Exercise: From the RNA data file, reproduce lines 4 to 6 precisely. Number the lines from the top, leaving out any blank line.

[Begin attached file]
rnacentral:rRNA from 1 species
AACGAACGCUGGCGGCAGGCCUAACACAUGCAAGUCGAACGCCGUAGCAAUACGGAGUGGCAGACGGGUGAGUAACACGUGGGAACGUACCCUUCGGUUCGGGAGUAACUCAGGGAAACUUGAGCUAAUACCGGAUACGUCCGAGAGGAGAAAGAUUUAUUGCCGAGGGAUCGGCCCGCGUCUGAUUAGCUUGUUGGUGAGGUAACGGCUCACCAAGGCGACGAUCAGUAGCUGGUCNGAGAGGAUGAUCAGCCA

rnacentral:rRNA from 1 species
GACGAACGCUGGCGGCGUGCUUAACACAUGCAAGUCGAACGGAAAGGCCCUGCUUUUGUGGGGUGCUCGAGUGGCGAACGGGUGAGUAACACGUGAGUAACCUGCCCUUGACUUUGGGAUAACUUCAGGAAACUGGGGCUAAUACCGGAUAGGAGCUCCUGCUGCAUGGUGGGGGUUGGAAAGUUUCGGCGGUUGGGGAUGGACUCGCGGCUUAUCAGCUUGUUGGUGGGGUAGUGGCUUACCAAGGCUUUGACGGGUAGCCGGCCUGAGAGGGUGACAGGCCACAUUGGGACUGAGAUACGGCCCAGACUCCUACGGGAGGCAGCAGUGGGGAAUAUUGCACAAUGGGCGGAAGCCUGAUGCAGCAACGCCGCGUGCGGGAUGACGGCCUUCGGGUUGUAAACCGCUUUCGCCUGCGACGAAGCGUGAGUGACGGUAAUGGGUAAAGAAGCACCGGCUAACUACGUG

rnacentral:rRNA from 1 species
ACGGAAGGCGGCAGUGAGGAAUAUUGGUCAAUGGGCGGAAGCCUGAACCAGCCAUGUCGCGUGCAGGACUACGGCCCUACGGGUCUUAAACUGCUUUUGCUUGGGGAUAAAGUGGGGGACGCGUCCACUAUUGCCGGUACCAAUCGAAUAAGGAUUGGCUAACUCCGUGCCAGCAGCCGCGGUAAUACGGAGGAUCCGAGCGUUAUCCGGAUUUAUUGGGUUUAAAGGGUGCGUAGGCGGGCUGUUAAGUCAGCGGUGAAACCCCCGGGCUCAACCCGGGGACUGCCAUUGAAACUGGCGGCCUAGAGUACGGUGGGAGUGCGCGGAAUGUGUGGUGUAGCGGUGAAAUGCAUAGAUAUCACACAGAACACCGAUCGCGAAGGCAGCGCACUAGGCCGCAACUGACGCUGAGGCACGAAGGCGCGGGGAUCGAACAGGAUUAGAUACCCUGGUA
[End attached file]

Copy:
GACGAACGCUGGCGGCGUGCUUAACACAUGCAAGUCGAACGGAAAGGCCCUGCUUUUGUGGGGUGCUCGAGUGGCGAACGGGUGAGUAACACGUGAGUAACCUGCCCUUGACUUUGGGAUAACUUCAGGAAACUGGGGCUAAUACCGGAUAGGAGCUCCUGCUGCAUGGUGGGGGUUGGAAAGUUUCGGCGGUUGGGGAUGGACUCGCGGCUUAUCAGCUUGUUGGUGGGGUAGUGGCUUACCAAGGCUUUGACGGGUAGCCGGCCUGAGAGGGUGACAGGCCACAUUGGGACUGAGAUACGGCCCAGACUCCUACGGGAGGCAGCAGUGGGGAAUAUUGCACAAUGGGCGGAAGCCUGAUGCAGCAACGCCGCGUGCGGGAUGACGGCCUUCGGGUUGUAAACCGCUUUCGCCUGCGACGAAGCGUGAGUGACGGUAAUGGGUAAAGAAGCACCGGCUAACUACGUG

rnacentral:rRNA from 1 species
ACGGAAGGCGGCAGUGAGGAAUAUUGGUCAAUGGGCGGAAGCCUGAACCAGCCAUGUCGCGUGCAGGACUACGGCCCUACGGGUCUUAAACUGCUUUUGCUUGGGGAUAAAGUGGGGGACGCGUCCACUAUUGCCGGUACCAAUCGAAUAAGGAUUGGCUAACUCCGUGCCAGCAGCCGCGGUAAUACGGAGGAUCCGAGCGUUAUCCGGAUUUAUUGGGUUUAAAGGGUGCGUAGGCGGGCUGUUAAGUCAGCGGUGAAACCCCCGGGCUCAACCCGGGGACUGCCAUUGAAACUGGCGGCCUAGAGUACGGUGGGAGUGCGCGGAAUGUGUGGUGUAGCGGUGAAAUGCAUAGAUAUCACACAGAACACCGAUCGCGAAGGCAGCGCACUAGGCCGCAACUGACGCUGAGGCACGAAGGCGCGGGGAUCGAACAGGAUUAGAUACCCUGGUA